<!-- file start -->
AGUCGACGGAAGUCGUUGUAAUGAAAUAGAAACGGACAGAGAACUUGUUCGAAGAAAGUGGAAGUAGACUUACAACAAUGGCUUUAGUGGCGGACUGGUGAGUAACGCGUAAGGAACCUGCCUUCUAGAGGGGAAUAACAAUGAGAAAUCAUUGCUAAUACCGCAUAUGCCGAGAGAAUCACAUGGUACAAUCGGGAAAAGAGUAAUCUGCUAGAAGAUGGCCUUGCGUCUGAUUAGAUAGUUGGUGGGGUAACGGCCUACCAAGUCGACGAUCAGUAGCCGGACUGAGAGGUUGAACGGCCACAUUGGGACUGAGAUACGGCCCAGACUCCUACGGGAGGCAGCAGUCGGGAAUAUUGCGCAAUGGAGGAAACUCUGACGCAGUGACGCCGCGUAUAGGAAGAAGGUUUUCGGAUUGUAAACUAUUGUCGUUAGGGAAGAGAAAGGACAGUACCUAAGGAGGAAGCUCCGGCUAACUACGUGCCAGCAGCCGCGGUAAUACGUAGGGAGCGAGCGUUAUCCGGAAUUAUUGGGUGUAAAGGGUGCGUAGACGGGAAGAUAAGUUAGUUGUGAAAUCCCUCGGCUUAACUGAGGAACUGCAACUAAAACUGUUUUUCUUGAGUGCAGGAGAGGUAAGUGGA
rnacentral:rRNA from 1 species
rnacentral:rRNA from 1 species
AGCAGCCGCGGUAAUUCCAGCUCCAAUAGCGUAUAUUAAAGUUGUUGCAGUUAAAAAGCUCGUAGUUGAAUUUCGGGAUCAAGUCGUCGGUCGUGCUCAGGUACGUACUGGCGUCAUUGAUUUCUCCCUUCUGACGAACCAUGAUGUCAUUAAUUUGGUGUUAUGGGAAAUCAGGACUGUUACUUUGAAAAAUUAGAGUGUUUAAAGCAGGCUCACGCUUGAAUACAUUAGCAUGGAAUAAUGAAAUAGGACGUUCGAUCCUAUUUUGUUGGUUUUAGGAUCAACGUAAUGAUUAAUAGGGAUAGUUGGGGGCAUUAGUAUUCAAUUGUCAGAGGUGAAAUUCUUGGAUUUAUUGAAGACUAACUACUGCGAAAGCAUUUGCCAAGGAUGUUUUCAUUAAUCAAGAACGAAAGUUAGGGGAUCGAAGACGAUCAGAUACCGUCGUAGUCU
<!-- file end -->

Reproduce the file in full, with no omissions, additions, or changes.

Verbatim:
AGUCGACGGAAGUCGUUGUAAUGAAAUAGAAACGGACAGAGAACUUGUUCGAAGAAAGUGGAAGUAGACUUACAACAAUGGCUUUAGUGGCGGACUGGUGAGUAACGCGUAAGGAACCUGCCUUCUAGAGGGGAAUAACAAUGAGAAAUCAUUGCUAAUACCGCAUAUGCCGAGAGAAUCACAUGGUACAAUCGGGAAAAGAGUAAUCUGCUAGAAGAUGGCCUUGCGUCUGAUUAGAUAGUUGGUGGGGUAACGGCCUACCAAGUCGACGAUCAGUAGCCGGACUGAGAGGUUGAACGGCCACAUUGGGACUGAGAUACGGCCCAGACUCCUACGGGAGGCAGCAGUCGGGAAUAUUGCGCAAUGGAGGAAACUCUGACGCAGUGACGCCGCGUAUAGGAAGAAGGUUUUCGGAUUGUAAACUAUUGUCGUUAGGGAAGAGAAAGGACAGUACCUAAGGAGGAAGCUCCGGCUAACUACGUGCCAGCAGCCGCGGUAAUACGUAGGGAGCGAGCGUUAUCCGGAAUUAUUGGGUGUAAAGGGUGCGUAGACGGGAAGAUAAGUUAGUUGUGAAAUCCCUCGGCUUAACUGAGGAACUGCAACUAAAACUGUUUUUCUUGAGUGCAGGAGAGGUAAGUGGA
rnacentral:rRNA from 1 species
rnacentral:rRNA from 1 species
AGCAGCCGCGGUAAUUCCAGCUCCAAUAGCGUAUAUUAAAGUUGUUGCAGUUAAAAAGCUCGUAGUUGAAUUUCGGGAUCAAGUCGUCGGUCGUGCUCAGGUACGUACUGGCGUCAUUGAUUUCUCCCUUCUGACGAACCAUGAUGUCAUUAAUUUGGUGUUAUGGGAAAUCAGGACUGUUACUUUGAAAAAUUAGAGUGUUUAAAGCAGGCUCACGCUUGAAUACAUUAGCAUGGAAUAAUGAAAUAGGACGUUCGAUCCUAUUUUGUUGGUUUUAGGAUCAACGUAAUGAUUAAUAGGGAUAGUUGGGGGCAUUAGUAUUCAAUUGUCAGAGGUGAAAUUCUUGGAUUUAUUGAAGACUAACUACUGCGAAAGCAUUUGCCAAGGAUGUUUUCAUUAAUCAAGAACGAAAGUUAGGGGAUCGAAGACGAUCAGAUACCGUCGUAGUCU